Plant the Look - Japan
Have you always dreamt of a Japanese style garden?
Do you wish you could be taking a trip to a Tokyo temple right now, while Sugiyama's Dragon Quest plays in your airpods?
We show you how to create the look of a Japanese garden in your own back yard.

Japanese Style Gardens - sound of silence

raked gravel in a temple garden There are two notable - and similar - styles of gardening which come to mind when thinking about Japan.

The first style of Japanese garden is the temple garden.

Japanese temple gardens are known for the neatness, their precise lines of raked gravel, their carefully-positioned rocks, and their carefully-trimmed shrubberies.

These gardens are all about attention to detail.

There may be very few plants in them, to non-Japanese garden tastes - perhaps a small clump of ornamental grass, a pruned ancient pine, or a bonsai tree on a pedestal, taking pride of place.

 

moss and water

With everything in the space squared away, and in its rightful place, the mind is free to meditate without distraction.

There is often an emphasis on sound - clattering canes of bamboo, water rhythmically dripping into a bowl, or wind softly rustling through leaves.

Moss is encouraged to grow.

Colour is kept to a minimum, except for a glorious blaze of autumn shades from a single Japanese acer or golden ginkgo tree; or the delicate spring blossom of the Sakura cherry.

Hanami, or cherry blossom viewing, has strong cultural significance for many Japanese people.

 

Japanese Style Gardens - calm reflection

water, grass, red bridgeThe second style of Japanese garden is more naturalistic and lush, but with that fastidious neatness in place.

There is usually a body of still water, to reflect the sky, and double the view of the garden.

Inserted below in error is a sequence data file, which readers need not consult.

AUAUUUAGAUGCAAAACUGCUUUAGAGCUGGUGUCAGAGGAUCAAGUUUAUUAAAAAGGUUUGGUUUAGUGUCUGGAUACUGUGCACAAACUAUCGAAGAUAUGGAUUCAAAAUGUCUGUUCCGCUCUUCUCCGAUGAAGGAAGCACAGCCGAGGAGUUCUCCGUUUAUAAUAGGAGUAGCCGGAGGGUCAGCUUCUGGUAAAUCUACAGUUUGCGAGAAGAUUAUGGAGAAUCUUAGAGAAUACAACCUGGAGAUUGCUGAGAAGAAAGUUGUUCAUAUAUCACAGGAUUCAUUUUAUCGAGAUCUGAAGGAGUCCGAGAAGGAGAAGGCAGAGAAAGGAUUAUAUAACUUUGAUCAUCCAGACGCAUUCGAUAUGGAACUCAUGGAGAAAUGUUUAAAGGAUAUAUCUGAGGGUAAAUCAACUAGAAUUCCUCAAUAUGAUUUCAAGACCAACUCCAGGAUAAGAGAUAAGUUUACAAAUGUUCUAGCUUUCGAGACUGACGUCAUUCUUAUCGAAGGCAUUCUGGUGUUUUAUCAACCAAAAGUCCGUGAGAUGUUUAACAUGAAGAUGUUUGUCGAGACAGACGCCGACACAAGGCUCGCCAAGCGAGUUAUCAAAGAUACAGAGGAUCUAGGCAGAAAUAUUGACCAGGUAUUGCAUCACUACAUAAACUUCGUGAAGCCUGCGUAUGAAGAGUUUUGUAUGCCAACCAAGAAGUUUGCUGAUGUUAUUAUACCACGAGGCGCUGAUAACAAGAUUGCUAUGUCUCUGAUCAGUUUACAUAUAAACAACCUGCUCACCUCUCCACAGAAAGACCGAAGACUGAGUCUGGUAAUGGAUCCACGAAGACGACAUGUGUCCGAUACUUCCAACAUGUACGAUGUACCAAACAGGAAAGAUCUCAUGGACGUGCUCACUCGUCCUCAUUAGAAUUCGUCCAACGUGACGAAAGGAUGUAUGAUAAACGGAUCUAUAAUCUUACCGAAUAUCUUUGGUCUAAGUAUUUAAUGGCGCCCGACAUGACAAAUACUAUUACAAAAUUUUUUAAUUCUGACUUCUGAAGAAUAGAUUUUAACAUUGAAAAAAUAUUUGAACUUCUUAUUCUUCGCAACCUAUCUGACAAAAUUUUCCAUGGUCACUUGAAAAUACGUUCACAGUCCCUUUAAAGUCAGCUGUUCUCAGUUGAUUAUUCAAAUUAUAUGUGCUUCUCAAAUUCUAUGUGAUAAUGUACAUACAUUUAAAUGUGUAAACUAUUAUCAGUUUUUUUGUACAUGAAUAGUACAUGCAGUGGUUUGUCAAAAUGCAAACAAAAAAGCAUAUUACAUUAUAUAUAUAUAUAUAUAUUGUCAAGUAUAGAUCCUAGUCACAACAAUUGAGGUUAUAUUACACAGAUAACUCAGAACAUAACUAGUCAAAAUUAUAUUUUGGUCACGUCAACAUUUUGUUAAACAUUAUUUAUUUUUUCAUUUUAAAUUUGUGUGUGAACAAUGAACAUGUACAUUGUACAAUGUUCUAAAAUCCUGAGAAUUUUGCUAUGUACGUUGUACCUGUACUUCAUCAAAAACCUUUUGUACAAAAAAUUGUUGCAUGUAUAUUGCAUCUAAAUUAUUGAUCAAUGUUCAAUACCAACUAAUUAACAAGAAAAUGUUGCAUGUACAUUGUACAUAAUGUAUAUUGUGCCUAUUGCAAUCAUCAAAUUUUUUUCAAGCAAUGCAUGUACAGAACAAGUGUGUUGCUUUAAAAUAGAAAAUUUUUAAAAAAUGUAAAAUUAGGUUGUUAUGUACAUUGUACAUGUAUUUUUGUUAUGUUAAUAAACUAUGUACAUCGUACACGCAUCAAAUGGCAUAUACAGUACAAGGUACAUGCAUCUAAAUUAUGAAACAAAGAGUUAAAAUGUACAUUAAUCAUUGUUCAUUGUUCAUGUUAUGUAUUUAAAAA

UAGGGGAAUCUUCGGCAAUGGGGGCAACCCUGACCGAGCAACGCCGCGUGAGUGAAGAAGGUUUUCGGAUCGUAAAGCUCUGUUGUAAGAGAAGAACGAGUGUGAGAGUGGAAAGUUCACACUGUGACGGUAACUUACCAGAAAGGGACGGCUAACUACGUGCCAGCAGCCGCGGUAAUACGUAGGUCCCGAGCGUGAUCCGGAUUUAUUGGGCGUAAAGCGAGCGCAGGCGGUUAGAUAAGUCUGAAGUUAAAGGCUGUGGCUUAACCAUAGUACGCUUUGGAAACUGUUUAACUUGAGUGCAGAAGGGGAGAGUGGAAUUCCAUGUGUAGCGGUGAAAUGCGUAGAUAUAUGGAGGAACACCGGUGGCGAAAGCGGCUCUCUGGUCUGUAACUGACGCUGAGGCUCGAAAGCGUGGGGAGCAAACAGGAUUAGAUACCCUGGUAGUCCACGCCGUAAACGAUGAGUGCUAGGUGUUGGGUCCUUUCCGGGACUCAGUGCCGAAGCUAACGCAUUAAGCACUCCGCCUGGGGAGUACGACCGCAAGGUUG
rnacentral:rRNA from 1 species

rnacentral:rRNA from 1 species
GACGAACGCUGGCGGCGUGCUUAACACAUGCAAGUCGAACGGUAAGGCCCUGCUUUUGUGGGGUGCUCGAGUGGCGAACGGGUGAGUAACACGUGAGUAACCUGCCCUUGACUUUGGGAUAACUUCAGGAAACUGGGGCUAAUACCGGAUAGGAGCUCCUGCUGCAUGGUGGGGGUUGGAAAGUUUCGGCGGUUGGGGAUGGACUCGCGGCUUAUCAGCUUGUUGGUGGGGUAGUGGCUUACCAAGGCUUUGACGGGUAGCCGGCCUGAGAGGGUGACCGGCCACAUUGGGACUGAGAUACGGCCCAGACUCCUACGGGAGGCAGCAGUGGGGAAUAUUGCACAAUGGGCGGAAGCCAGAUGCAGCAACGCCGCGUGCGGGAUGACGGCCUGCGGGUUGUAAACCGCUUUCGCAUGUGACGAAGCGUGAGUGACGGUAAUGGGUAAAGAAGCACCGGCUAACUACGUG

Often this is a pond for koi carp, as well as waterlilies and reeds.

Weeping trees dip their branches into the water, just as they do in the old willow pattern china.

Grasses arch over the river banks. Groundcover junipers form dense green carpets.

An arched bridge, painted red, gives the full authentically-Japanese look.

 

acer, pine, trickling waterThere's shady walkways and restful waterways, gentle cascades and rustling grasses - enjoyment for the ears as well as the eyes.

Rhododendrons, azaleas, camellias, and other flowering evergreens from this part of the world are clipped to rounded silhouettes, mimicking the shaping effect of wind on plants.

Most of these flowering plants prefer a humus-rich, moist, acid soil, and a little dappled shade to grow healthy and bloom well.
If you don't have this soil type in your garden, grow them in a big glazed pot filled with ericaceous compost.

Amid the restful green, a pop of bright year-round colour from a red acer or gold-leaved conifer.

plants for the Japanese look

Japanese Style Gardens - get the look

Essential plants to get that Japanese look are azaleas and camellias, of course; cut-leaf Japanese acers; nandina or sacred bamboo, for foliage colour; and small-leafed evergreen shrubs like box, privet, and dwarf honeysuckle. Encourage the moss to grow in shady places.

Add a little drama with big glossy leaves of Fatsia japonica; tall tiger grass for sound and shade; and colour from summer-flowering lilies, spring-flowering blossom, and winter-flowering quince. If you really get into the Japanese vibe, try your hand at bonsai too.